Summary: Part 10 reviews Coveting and illustrates the message through the story of David.

The Ten Commandments Part 10

Scriptures: Exodus 20:17, James 1:13, 14; Romans 13:10; 1 Corinthians 5:10

This is part ten of my series “The Ten Commandments.” This morning we will examine tenth commandment found in Exodus 20:17. It reads, “You shall not covet your neighbor's house; you shall not covet your neighbor's wife or his male servant or his female servant or his ox or his donkey or anything that belongs to your neighbor.” I also want to call your attention to I Corinthians 5:10-11 which says, “I did not at all mean with the immoral people of this world, or with the covetous and swindlers, or with idolaters, for then you would have to go out of the world. But actually, I wrote to you not to associate with any so-called brother if he is an immoral person, or covetous, or an idolater, or a reviler, or a drunkard, or a swindler--not even to eat with such a one.”

These are some words that when you hear them you know that the acts they describe are wrong. Stealing. Lying. Adultery. Covet is one of those kind of words. Just the very sound of the word kind of gives you that “uh oh” feeling. When we hear the word this is what we hear: someone wants something that belongs to someone else and they want it a lot! But what is lost on many of us is this: when God prohibited coveting He did so because this is what the children of Israel were doing and in some cases, they were killing their neighbors in the process and were not being held accountable. So you see coveting is a very big deal to God, as are all of the commandments.

This commandment prohibits longing for (let alone attempting to acquire) anything that belongs to another. Deuteronomy 5:21 adds "his field" to this list. It is the last of the Ten Commandments, which are the introduction, basis, and constitution of the Law of Moses. Here the Mosaic Law takes a huge step in advance of any other ancient code. Most codes stopped short at the deed; a few went on to words; not one attempted to control thoughts. “Thou shalt not covet” teaches men that there is One who sees the heart; to whose eyes "all things are naked and open;" and who cares far less for the outward act than the inward thought or motive from which the act proceeds. “Thou shalt not covet”: lays it down again that we are not mere slaves of our natural desires and passions, but have a controlling power implanted within us, by means of which we can keep down passion, check desire, and resist impulse. Man is lord of himself and capable, by the exercise of his free-will, of molding his feelings, weakening or intensifying his passions, and shaping his character. God, who “requires truth in the inward parts,” expects that we should in all cases go to the root of the matter, and not be content with restraining ourselves from evil acts and evil words, but eradicate the evil feeling from which the acts and words proceed. “Thy neighbor’s house”, etc. The "house" is mentioned first as being of primary necessity and everything else follows behind it. A man does not take a wife until he has a home to bring her to, or engage domestic servants, except to form part of a household. The other objects mentioned are placed in the order in which they are usually valued. The multiplication of objects is by way of emphasis.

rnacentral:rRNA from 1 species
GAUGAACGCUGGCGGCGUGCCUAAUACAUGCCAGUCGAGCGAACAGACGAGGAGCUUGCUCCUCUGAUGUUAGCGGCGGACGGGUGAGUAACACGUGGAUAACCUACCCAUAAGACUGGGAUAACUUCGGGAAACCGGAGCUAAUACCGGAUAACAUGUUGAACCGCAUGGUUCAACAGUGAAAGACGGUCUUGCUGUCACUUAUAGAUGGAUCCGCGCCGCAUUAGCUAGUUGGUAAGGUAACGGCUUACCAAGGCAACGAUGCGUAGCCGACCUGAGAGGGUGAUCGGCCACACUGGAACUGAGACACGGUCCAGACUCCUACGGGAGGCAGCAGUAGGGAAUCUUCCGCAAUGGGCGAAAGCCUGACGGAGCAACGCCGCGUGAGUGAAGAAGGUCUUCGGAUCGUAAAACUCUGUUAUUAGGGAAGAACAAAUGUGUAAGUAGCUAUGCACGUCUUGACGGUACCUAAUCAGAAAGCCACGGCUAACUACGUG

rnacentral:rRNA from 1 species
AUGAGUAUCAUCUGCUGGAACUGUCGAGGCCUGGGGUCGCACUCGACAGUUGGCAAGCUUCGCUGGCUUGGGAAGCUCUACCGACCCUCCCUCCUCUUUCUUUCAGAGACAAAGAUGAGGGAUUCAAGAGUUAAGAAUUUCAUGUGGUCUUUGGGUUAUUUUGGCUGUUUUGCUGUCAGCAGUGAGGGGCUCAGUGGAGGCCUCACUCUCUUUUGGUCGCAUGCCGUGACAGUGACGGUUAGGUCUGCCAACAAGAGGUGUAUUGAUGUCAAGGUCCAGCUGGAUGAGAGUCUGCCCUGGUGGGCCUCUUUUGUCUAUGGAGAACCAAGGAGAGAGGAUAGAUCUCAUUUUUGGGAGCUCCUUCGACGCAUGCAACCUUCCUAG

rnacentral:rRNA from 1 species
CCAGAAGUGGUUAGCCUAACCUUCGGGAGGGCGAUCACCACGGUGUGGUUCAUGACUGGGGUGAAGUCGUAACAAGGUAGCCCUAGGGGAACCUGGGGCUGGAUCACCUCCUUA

The thing I want you to see is how detailed this commandment is compared to the others. It’s almost like God is saying “I want to make sure you understand exactly what I mean when I command you not to covet.” So He begins to list them in order of importance. House. Wife. Male servant. Female servant. Ox. Donkey. Everything else. Now you may be thinking God lists the person’s house as more important than his wife. Let me explain. Every man in Israel would have had a house but not every man would have had a wife or servants. The custom at that time was for the oldest male to take care of the family which included the mother, father, siblings and in some cases even close relatives. They were considered part of his “house”. If a “house” was struggling financially, and I’m talking about the time before God gave the law, the rich would take an entire “house” into servitude. So, in this case, the rich were “coveting” or “lusting” after what the “house” could provide – cheap and inexpensive labor. This is one the issues God dealt with when He gave the laws concerning indentured servants. So, you see the commandment is not belittling the wife. It is simply recognition of how Israel’s society functioned at the time. Before a man married he had to have a home in which to bring his wife.

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